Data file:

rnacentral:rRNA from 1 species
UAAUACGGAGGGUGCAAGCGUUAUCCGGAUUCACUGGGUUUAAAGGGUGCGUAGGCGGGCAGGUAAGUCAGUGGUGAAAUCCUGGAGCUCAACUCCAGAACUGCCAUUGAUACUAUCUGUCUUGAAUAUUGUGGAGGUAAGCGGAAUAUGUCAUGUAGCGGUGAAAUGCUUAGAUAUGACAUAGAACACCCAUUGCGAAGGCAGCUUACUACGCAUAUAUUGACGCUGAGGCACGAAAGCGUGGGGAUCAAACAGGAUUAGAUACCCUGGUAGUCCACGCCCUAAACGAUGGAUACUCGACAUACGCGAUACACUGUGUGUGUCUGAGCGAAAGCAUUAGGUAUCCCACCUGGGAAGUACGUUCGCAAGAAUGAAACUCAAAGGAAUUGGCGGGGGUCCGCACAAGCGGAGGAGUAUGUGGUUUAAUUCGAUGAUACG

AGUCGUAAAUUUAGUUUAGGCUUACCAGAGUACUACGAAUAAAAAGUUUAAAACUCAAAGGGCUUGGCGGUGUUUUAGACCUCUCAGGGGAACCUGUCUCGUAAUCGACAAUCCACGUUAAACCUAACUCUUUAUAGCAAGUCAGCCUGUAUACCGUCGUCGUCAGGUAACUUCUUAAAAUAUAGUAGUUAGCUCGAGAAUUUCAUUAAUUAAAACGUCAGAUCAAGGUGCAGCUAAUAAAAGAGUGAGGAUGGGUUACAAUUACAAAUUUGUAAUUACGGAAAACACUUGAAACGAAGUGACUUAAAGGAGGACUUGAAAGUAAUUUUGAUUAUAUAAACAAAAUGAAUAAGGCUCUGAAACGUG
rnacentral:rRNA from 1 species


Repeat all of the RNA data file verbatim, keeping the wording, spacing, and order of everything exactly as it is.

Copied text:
rnacentral:rRNA from 1 species
UAAUACGGAGGGUGCAAGCGUUAUCCGGAUUCACUGGGUUUAAAGGGUGCGUAGGCGGGCAGGUAAGUCAGUGGUGAAAUCCUGGAGCUCAACUCCAGAACUGCCAUUGAUACUAUCUGUCUUGAAUAUUGUGGAGGUAAGCGGAAUAUGUCAUGUAGCGGUGAAAUGCUUAGAUAUGACAUAGAACACCCAUUGCGAAGGCAGCUUACUACGCAUAUAUUGACGCUGAGGCACGAAAGCGUGGGGAUCAAACAGGAUUAGAUACCCUGGUAGUCCACGCCCUAAACGAUGGAUACUCGACAUACGCGAUACACUGUGUGUGUCUGAGCGAAAGCAUUAGGUAUCCCACCUGGGAAGUACGUUCGCAAGAAUGAAACUCAAAGGAAUUGGCGGGGGUCCGCACAAGCGGAGGAGUAUGUGGUUUAAUUCGAUGAUACG

AGUCGUAAAUUUAGUUUAGGCUUACCAGAGUACUACGAAUAAAAAGUUUAAAACUCAAAGGGCUUGGCGGUGUUUUAGACCUCUCAGGGGAACCUGUCUCGUAAUCGACAAUCCACGUUAAACCUAACUCUUUAUAGCAAGUCAGCCUGUAUACCGUCGUCGUCAGGUAACUUCUUAAAAUAUAGUAGUUAGCUCGAGAAUUUCAUUAAUUAAAACGUCAGAUCAAGGUGCAGCUAAUAAAAGAGUGAGGAUGGGUUACAAUUACAAAUUUGUAAUUACGGAAAACACUUGAAACGAAGUGACUUAAAGGAGGACUUGAAAGUAAUUUUGAUUAUAUAAACAAAAUGAAUAAGGCUCUGAAACGUG
rnacentral:rRNA from 1 species